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Discussion Starter · #1 ·
I just hung my 9PG+ expecting it balance perfectly on the two mounting pins however it is well weighted to the rear. It is the factory mount that was on the projector when I bought it. It looks to be correct according to the pic in the install manual but I did not take notice to whether there could be multiple places to attach the "L" brackets to the PJ. I assumed that there should only be one location for those to mount. Is that correct and/ Or should I be concerned that it is not balanced? Thanks
 

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usehername,

The slot goes towards the front of the projector and the two screws goes towards the back on both the mount and L brackets. The rear will be heavier and its normal.


If the two holes are worn and dont hold the weight you can drill a extra hole to use a 'pin' at the corner of the rear most L brackets on both sides and through the mount, this will take care of the problem of not holding it.


Make sure the hand screws are set correctly and the projector isnt 'lifting' these out of position out of the dip in the slot, hand tighten then check that the spacer didnt bottom out, if it did use a large fender washer for a spacer. Some later mounts had different spacers and threaded collars, most get mis-matched.


Use a hardened self tapping screw but make the pilot hole the correct size for the self tapping screw. Have someone hold the back up in the correct position or use a prop. Pre-load just a tad so it hangs out in the correct position. Should be level when your done. Dont drill until your sure of the position, if your off drill a new one and catch the fileings with a damp cloth. Dont let them drop through the fan holes. Doug
 

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Discussion Starter · #3 ·
Thanks very much Doug.

Answers that completely... On to set up.
 

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Wayne, I just went through this exact same process. The L-plates need to be turned inward (ceiling bracket is not wide enough if the L-plates are turned outward). On my bracket the L-R L-plates can be superimposed on the L-R sides of the projector, or R-L sides of the projector.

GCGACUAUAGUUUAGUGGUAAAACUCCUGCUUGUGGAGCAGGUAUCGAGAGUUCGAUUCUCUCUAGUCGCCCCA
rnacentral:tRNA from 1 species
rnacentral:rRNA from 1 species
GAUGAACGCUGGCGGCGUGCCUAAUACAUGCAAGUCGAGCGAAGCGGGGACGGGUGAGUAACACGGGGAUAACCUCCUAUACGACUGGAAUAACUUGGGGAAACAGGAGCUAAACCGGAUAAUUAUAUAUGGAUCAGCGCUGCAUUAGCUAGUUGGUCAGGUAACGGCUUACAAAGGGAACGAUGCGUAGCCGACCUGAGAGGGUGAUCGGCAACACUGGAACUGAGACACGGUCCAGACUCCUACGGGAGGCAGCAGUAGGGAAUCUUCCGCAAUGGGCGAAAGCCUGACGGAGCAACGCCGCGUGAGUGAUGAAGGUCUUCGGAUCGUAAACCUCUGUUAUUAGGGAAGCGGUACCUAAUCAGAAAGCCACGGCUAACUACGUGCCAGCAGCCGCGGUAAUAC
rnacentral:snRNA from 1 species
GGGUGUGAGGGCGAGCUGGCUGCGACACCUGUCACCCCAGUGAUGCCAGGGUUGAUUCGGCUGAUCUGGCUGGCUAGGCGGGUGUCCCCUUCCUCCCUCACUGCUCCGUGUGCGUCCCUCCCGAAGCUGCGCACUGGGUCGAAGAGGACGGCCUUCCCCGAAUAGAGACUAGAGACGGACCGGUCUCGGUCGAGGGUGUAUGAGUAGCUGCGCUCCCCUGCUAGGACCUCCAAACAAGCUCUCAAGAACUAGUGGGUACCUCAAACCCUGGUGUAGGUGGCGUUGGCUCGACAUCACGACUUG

No, the pivot point on the L-plates are not dead-center with the front/rear-pair of screws that hold the L-plates to the projector, and depending on how you actually screw the L-R L-plates the pivot point is either over the front or rear pairs of screws that hold the L-plate to the projector.


I had a friend kind enough to go lift a ceiling tile to determine which superposition was needed. Currently, the L-plates are installed with the pivot point over the front pairs of L-plate screws.
 

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Discussion Starter · #5 ·
Thanks WanMan. I think that is the way mine is set. It was installed professionally in the last location and I did not move anything but it just did not seem right that the unit is so weighted to the rear. When I installed the small rear screws that actually became the pivot point and the front wanted to come up at the slots. I tightened the hand screws well and it seems to be solid and level. I just thought that if the L brackets were further back it would be better balanced. I cant see if that was even possible now that it is up. Thanks again for your trouble.